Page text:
This brings us to the point that writing a B.A. thesis has many benefits beyond learning how to conduct historical research. The most important of these is the strong and lasting relationship students develop with their advisers. In a book review for The New York Times, Professor Anthony Grafton, a triple alumnus of our department and one of the greatest historians of our time, fondly recalls his joy in seeing two of his former B.A. advisees, now in law and medicine, attend one of his public lectures years later. Like Grafton and his students, we and many other former history majors have similar stories to tell. Our respective advisers provided advice not only on historiography and primary sources but also on many other essential matters of life. The absence of a compulsory B.A. thesis will make it far more difficult for future students to develop similar relationships. Occasional office hours during regular classes simply cannot serve as an effective alternative.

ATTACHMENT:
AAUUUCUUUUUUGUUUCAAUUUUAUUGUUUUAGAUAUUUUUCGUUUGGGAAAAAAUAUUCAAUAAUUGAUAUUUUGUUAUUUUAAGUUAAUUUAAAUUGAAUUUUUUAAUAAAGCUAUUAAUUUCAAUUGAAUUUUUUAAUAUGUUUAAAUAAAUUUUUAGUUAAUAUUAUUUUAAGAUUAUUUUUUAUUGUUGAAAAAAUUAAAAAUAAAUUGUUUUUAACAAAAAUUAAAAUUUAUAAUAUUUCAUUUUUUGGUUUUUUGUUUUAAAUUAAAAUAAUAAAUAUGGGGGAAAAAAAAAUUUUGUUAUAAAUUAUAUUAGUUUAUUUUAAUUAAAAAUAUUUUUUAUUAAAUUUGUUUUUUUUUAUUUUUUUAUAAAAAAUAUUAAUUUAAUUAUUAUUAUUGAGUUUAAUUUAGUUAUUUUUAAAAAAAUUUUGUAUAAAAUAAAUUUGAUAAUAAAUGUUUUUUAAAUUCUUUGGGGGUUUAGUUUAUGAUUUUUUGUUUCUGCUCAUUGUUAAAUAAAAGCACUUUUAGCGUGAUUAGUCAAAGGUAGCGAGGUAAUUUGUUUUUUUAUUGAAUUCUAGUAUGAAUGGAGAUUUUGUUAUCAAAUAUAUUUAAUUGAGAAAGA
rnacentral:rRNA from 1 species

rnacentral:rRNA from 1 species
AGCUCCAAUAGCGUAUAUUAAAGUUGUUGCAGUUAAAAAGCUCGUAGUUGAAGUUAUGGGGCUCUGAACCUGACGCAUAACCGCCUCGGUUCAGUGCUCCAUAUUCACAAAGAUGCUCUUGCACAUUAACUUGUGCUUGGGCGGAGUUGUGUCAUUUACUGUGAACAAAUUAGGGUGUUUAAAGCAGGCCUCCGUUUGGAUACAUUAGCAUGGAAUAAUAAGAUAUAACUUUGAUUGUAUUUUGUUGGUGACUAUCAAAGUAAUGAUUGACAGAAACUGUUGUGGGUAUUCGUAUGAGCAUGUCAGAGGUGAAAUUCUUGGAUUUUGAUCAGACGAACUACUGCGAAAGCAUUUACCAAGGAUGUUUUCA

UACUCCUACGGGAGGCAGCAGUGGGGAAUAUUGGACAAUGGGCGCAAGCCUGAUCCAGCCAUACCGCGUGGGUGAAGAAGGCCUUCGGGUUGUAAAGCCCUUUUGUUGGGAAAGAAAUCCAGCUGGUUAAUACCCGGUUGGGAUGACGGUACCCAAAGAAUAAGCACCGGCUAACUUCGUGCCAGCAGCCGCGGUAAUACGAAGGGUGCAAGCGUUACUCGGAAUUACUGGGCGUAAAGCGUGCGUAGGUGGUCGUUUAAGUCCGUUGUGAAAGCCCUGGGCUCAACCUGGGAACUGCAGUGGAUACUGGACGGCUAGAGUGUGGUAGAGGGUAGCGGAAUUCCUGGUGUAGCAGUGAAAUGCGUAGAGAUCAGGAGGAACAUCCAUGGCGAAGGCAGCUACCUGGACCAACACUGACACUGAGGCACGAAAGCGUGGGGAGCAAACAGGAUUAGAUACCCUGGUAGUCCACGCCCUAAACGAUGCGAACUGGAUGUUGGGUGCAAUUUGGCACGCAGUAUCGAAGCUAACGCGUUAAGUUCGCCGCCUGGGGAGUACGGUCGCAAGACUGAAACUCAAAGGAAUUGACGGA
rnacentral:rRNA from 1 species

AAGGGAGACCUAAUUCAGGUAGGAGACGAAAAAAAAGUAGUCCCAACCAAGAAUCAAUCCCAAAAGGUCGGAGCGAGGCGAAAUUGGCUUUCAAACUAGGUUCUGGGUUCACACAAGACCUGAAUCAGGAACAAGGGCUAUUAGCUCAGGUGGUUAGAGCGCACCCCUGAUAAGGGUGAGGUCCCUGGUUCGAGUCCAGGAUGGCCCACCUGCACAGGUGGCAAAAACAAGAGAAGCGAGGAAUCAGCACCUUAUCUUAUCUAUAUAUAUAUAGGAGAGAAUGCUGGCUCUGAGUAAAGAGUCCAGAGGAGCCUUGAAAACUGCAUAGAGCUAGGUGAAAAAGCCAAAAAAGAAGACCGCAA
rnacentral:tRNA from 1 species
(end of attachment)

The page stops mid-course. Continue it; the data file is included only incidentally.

Though self-evident, it is also worth emphasizing that a B.A. thesis teaches skills that are applicable to a number of other professions besides academic history. Conceiving and managing a long-term project, critical engagement with peers in seminar, rethinking one’s ideas upon encountering new information and—not least—writing well are skills essential to almost any job in the world. A compulsory B.A. thesis ensures that all of our majors leave the University prepared to face an increasingly demanding job market.
We would like to end by committing the historian’s cardinal sin: quoting without a citation. Someone once said that it is impossible to imagine how any historian who takes her job seriously can sleep at night. The essence of the quote is that writing history is a delicate, difficult and serious task. We only came to truly appreciate this through our B.A. theses. We were initially daunted by the idea of writing them, but vividly remember the sunny April afternoon when we handed in our theses and walked out of the Social Sciences building. That sensation of accomplishment will stay with us for life. Future history majors should experience the same.
When we were students, the department always lent our concerns sympathetic ears. Once more, we urge it to do the same. While we respect and appreciate some of the reasons behind the decision, we would very much like the department to reconsider it.
—Pranav Kumar Jain, Alan Hassler, and Rebecca Liu, A.B. ’15